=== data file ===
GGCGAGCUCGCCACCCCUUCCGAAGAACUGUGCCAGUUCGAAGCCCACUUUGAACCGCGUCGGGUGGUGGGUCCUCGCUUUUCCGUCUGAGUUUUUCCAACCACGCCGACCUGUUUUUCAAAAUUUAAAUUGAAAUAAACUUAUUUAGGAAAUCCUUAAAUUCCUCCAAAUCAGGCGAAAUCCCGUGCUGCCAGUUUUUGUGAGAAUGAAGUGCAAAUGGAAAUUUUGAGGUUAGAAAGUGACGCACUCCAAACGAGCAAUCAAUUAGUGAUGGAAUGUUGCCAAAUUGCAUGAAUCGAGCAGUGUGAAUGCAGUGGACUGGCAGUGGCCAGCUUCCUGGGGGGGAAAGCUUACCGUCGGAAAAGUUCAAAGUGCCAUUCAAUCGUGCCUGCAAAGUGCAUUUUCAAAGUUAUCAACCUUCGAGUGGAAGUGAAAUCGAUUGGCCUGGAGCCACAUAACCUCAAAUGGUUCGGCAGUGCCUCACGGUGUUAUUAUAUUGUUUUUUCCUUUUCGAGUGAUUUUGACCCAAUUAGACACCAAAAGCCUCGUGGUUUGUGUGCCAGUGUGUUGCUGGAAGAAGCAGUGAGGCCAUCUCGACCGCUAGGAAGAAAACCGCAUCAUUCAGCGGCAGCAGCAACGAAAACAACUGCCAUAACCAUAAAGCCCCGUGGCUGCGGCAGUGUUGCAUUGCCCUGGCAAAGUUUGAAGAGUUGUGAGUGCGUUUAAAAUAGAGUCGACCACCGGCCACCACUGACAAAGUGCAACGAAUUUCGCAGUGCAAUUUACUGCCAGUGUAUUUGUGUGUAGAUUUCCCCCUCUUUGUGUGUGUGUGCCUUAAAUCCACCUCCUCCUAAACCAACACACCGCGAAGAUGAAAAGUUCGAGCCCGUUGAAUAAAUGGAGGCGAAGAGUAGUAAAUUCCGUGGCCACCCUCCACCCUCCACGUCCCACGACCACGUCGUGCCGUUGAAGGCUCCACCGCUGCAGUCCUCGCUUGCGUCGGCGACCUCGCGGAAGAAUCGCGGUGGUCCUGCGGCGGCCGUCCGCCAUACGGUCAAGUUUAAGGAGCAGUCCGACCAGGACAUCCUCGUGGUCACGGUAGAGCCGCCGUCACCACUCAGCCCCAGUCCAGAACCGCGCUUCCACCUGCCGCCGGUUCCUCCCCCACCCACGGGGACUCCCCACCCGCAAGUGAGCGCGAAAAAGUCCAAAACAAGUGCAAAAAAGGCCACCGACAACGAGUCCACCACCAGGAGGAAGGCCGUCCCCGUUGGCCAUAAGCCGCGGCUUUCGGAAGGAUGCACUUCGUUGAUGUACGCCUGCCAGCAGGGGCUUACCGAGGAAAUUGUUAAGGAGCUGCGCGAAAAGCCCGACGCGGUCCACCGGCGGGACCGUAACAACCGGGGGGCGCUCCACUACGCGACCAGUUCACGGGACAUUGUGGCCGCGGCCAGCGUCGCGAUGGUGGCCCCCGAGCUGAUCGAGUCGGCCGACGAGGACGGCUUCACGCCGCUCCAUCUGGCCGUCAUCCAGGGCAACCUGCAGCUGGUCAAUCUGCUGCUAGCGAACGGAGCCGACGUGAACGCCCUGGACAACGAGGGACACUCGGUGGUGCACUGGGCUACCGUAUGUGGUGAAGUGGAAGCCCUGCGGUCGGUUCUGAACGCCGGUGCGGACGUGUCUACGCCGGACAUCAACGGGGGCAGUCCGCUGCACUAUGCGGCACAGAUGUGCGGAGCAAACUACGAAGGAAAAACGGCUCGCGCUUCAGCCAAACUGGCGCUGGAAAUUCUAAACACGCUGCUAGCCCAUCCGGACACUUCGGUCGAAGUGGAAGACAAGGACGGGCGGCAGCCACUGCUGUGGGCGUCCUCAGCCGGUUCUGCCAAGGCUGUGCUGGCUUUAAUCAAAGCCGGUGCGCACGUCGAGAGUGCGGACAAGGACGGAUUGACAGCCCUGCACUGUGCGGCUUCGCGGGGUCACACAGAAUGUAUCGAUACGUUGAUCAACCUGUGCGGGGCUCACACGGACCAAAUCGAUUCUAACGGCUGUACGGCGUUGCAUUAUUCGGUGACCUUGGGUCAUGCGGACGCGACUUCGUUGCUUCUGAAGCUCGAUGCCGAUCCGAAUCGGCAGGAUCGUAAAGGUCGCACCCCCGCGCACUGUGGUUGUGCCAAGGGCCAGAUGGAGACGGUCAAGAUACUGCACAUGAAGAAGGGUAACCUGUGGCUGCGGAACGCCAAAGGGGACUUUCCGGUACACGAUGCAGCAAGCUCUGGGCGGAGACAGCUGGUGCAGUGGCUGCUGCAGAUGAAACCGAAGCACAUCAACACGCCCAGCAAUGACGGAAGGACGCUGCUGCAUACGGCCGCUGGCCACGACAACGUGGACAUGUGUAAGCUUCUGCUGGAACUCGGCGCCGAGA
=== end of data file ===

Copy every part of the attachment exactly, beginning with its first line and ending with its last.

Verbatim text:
GGCGAGCUCGCCACCCCUUCCGAAGAACUGUGCCAGUUCGAAGCCCACUUUGAACCGCGUCGGGUGGUGGGUCCUCGCUUUUCCGUCUGAGUUUUUCCAACCACGCCGACCUGUUUUUCAAAAUUUAAAUUGAAAUAAACUUAUUUAGGAAAUCCUUAAAUUCCUCCAAAUCAGGCGAAAUCCCGUGCUGCCAGUUUUUGUGAGAAUGAAGUGCAAAUGGAAAUUUUGAGGUUAGAAAGUGACGCACUCCAAACGAGCAAUCAAUUAGUGAUGGAAUGUUGCCAAAUUGCAUGAAUCGAGCAGUGUGAAUGCAGUGGACUGGCAGUGGCCAGCUUCCUGGGGGGGAAAGCUUACCGUCGGAAAAGUUCAAAGUGCCAUUCAAUCGUGCCUGCAAAGUGCAUUUUCAAAGUUAUCAACCUUCGAGUGGAAGUGAAAUCGAUUGGCCUGGAGCCACAUAACCUCAAAUGGUUCGGCAGUGCCUCACGGUGUUAUUAUAUUGUUUUUUCCUUUUCGAGUGAUUUUGACCCAAUUAGACACCAAAAGCCUCGUGGUUUGUGUGCCAGUGUGUUGCUGGAAGAAGCAGUGAGGCCAUCUCGACCGCUAGGAAGAAAACCGCAUCAUUCAGCGGCAGCAGCAACGAAAACAACUGCCAUAACCAUAAAGCCCCGUGGCUGCGGCAGUGUUGCAUUGCCCUGGCAAAGUUUGAAGAGUUGUGAGUGCGUUUAAAAUAGAGUCGACCACCGGCCACCACUGACAAAGUGCAACGAAUUUCGCAGUGCAAUUUACUGCCAGUGUAUUUGUGUGUAGAUUUCCCCCUCUUUGUGUGUGUGUGCCUUAAAUCCACCUCCUCCUAAACCAACACACCGCGAAGAUGAAAAGUUCGAGCCCGUUGAAUAAAUGGAGGCGAAGAGUAGUAAAUUCCGUGGCCACCCUCCACCCUCCACGUCCCACGACCACGUCGUGCCGUUGAAGGCUCCACCGCUGCAGUCCUCGCUUGCGUCGGCGACCUCGCGGAAGAAUCGCGGUGGUCCUGCGGCGGCCGUCCGCCAUACGGUCAAGUUUAAGGAGCAGUCCGACCAGGACAUCCUCGUGGUCACGGUAGAGCCGCCGUCACCACUCAGCCCCAGUCCAGAACCGCGCUUCCACCUGCCGCCGGUUCCUCCCCCACCCACGGGGACUCCCCACCCGCAAGUGAGCGCGAAAAAGUCCAAAACAAGUGCAAAAAAGGCCACCGACAACGAGUCCACCACCAGGAGGAAGGCCGUCCCCGUUGGCCAUAAGCCGCGGCUUUCGGAAGGAUGCACUUCGUUGAUGUACGCCUGCCAGCAGGGGCUUACCGAGGAAAUUGUUAAGGAGCUGCGCGAAAAGCCCGACGCGGUCCACCGGCGGGACCGUAACAACCGGGGGGCGCUCCACUACGCGACCAGUUCACGGGACAUUGUGGCCGCGGCCAGCGUCGCGAUGGUGGCCCCCGAGCUGAUCGAGUCGGCCGACGAGGACGGCUUCACGCCGCUCCAUCUGGCCGUCAUCCAGGGCAACCUGCAGCUGGUCAAUCUGCUGCUAGCGAACGGAGCCGACGUGAACGCCCUGGACAACGAGGGACACUCGGUGGUGCACUGGGCUACCGUAUGUGGUGAAGUGGAAGCCCUGCGGUCGGUUCUGAACGCCGGUGCGGACGUGUCUACGCCGGACAUCAACGGGGGCAGUCCGCUGCACUAUGCGGCACAGAUGUGCGGAGCAAACUACGAAGGAAAAACGGCUCGCGCUUCAGCCAAACUGGCGCUGGAAAUUCUAAACACGCUGCUAGCCCAUCCGGACACUUCGGUCGAAGUGGAAGACAAGGACGGGCGGCAGCCACUGCUGUGGGCGUCCUCAGCCGGUUCUGCCAAGGCUGUGCUGGCUUUAAUCAAAGCCGGUGCGCACGUCGAGAGUGCGGACAAGGACGGAUUGACAGCCCUGCACUGUGCGGCUUCGCGGGGUCACACAGAAUGUAUCGAUACGUUGAUCAACCUGUGCGGGGCUCACACGGACCAAAUCGAUUCUAACGGCUGUACGGCGUUGCAUUAUUCGGUGACCUUGGGUCAUGCGGACGCGACUUCGUUGCUUCUGAAGCUCGAUGCCGAUCCGAAUCGGCAGGAUCGUAAAGGUCGCACCCCCGCGCACUGUGGUUGUGCCAAGGGCCAGAUGGAGACGGUCAAGAUACUGCACAUGAAGAAGGGUAACCUGUGGCUGCGGAACGCCAAAGGGGACUUUCCGGUACACGAUGCAGCAAGCUCUGGGCGGAGACAGCUGGUGCAGUGGCUGCUGCAGAUGAAACCGAAGCACAUCAACACGCCCAGCAAUGACGGAAGGACGCUGCUGCAUACGGCCGCUGGCCACGACAACGUGGACAUGUGUAAGCUUCUGCUGGAACUCGGCGCCGAGA